multiple tiers to the codes.

As for statistics. We have to deal with variance, uncertainty and risk. We
have simply progressed : lies, damned lies and statistics. So now using
statistics instead of lying about provision of safety. Safety never present
only risk.

Risk based design, fits better with your earlier view about over regulation
to protect people tripping over own two feet. If choose to walk, then have
the risk of tripping: if don't accept the risk, then don't walk.
Or the case of two youths fighting in stairwell. They fall down the steps
and one becomes a paraplegic. The designer was held responsible because the
handrail was 50mm lower than the standards specify. Such ignores the
statistical variation in heights of people and their arm length. The code
specified heights can be a hazard to life for many people: if they slip the
handrail could prove to be either too low or too high for the individual
concerned to regain their balance: vertical infill rails may provide
something to grab. Specifying a specific height or height range implies the
provision of safety to the lawyers and public. Further more the height of
the handrail, may be uncomfortable for the user and be the direct cause of a
fall.

Quality robust design, aims to find a design solution which can accommodate
variance in the operating environment of the end-product, as well as
variance in the production process, and variance in the design process. It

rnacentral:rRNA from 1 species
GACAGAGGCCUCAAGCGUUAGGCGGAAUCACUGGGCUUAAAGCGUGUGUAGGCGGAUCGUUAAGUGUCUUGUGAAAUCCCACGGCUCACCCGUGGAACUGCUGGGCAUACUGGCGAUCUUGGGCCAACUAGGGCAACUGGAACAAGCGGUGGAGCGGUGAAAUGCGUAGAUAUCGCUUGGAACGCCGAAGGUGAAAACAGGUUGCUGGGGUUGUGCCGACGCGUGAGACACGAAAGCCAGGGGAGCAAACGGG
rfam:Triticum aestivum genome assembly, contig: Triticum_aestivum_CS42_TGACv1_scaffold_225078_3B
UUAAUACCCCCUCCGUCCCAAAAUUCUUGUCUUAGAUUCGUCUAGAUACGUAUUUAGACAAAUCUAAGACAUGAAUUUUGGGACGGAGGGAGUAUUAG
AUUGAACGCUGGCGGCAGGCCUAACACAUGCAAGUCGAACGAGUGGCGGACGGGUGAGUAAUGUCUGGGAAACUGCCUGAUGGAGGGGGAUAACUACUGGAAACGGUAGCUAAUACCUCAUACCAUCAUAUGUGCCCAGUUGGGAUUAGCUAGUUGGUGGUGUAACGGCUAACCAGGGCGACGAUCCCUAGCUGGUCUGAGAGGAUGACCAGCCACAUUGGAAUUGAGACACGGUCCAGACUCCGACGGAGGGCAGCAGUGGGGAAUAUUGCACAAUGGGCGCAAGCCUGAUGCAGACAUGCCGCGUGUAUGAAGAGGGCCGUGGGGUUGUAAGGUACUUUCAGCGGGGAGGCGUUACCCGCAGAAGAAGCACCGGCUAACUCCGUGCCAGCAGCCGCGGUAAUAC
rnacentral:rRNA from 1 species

requires a adding greater level of focus on the qualitative aspects of
design, not just aesthetics, but the functional requirements, and not just
function as regards strength and stiffness, but the point for making the
thing in the first place. What is the purpose of a hand rail and guard rail,
can they be integrated into the one object, or do they need to be kept
separate? What is a house, does it simply provide shelter, and shelter from
what?

Routine design is simply to go with the codes, and follow tradition.
Progress comes from questioning the status quo, and changing perspective:
design a car or mode of transport, design a house or a shelter. Regression
also comes from same approach.

Variance all around. Some think changes to wind loading code stupid, others
don't. The writers of a quality robust code would have taken that variance
into consideration when writing the code, to reduce opposition to it. I
guess they didn't. Therefore code not quality robust: complexity opposed by
many, and therefore likelihood of unwarranted errors in design creeping in.
Using the code becomes risky.

On the other hand the mandated requirements are also less certain, because
code accommodates a greater variety of circumstances, for which designers,
suppliers and end-users are all made more accountable. Therefore variance
from compliance with the code more difficult to detect: providing designers
with a lot more scope for innovation. Far better than mandated prescription,
yet the designers have opportunity to create and develop more prescriptive
solutions for efficiency in production.

If codes are highly prescriptive and lock a great deal in, then no need to
keep on producing calculations, only need to produce once, since variance
from the input parameters and the results are not permitted. In which case
remove time consuming prescription on calculations, and simply specify
prescription on what can construct. No, no, too much regulation, want to
innovate!



Regards
Conrad Harrison
B.Tech (mfg & mech), MIIE, gradTIEAust
mailto:sch.tectonic(--nospam--at)bigpond.com
Adelaide
South Australia